bruised against every obstruction that comes in the way.
By and by, when that grasshopper leg has been dragged
all over the same old ground once more, it is finally
dumped at about the spot where it originally lay,
the two perspiring ants inspect it thoughtfully and decide
that dried grasshopper legs are a poor sort of property
after all, and then each starts off in a different
direction to see if he can't find an old nail or something
else that is heavy enough to afford entertainment and at
the same time valueless enough to make an ant want to own it.

There in the Black Forest, on the mountainside,
I saw an ant go through with such a performance as this
with a dead spider of fully ten times his own weight.
The spider was not quite dead, but too far gone to resist.
He had a round body the size of a pea. The little ant--
observing that I was noticing--turned him on his back,
sunk his fangs into his throat, lifted him into the air and
started vigorously off with him, stumbling over little pebbles,
stepping on the spider's legs and tripping himself up,
dragging him backward, shoving him bodily ahead, dragging him
up stones six inches high instead of going around them,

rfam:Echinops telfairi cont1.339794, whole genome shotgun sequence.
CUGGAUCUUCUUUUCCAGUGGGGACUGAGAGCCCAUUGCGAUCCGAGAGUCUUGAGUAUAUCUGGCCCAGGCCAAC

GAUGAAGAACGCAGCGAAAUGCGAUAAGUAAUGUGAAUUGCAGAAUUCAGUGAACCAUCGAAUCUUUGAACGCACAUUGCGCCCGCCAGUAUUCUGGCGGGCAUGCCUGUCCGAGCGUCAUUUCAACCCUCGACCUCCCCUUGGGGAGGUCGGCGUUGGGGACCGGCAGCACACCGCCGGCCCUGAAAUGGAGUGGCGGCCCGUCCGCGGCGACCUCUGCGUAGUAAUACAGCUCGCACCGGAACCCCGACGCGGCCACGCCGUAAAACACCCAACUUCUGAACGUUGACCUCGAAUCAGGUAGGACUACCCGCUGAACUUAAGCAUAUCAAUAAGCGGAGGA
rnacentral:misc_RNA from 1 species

climbing weeds twenty times his own height and jumping
from their summits--and finally leaving him in the middle
of the road to be confiscated by any other fool of an
ant that wanted him. I measured the ground which this
ass traversed, and arrived at the conclusion that what he
had accomplished inside of twenty minutes would constitute
some such job as this--relatively speaking--for a man;
to wit: to strap two eight-hundred-pound horses together,
carry them eighteen hundred feet, mainly over (not around)
boulders averaging six feet high, and in the course
of the journey climb up and jump from the top of one
precipice like Niagara, and three steeples, each a hundred
and twenty feet high; and then put the horses down,
in an exposed place, without anybody to watch them,
and go off to indulge in some other idiotic miracle for
vanity's sake.

Science has recently discovered that the ant does not
lay up anything for winter use. This will knock him
out of literature, to some extent. He does not work,
except when people are looking, and only then when the
observer has a green, naturalistic look, and seems to be
taking notes. This amounts to deception, and will injure
him for the Sunday-schools. He has not judgment enough
to know what is good to eat from what isn't. This amounts
to ignorance, and will impair the world's respect for him.
He cannot stroll around a stump and find his way home again.
This amounts to idiocy, and once the damaging fact
is established, thoughtful people will cease to look
up to him, the sentimental will cease to fondle him.
His vaunted industry is but a vanity and of no effect,
since he never gets home with anything he starts with.
This disposes of the last remnant of his reputation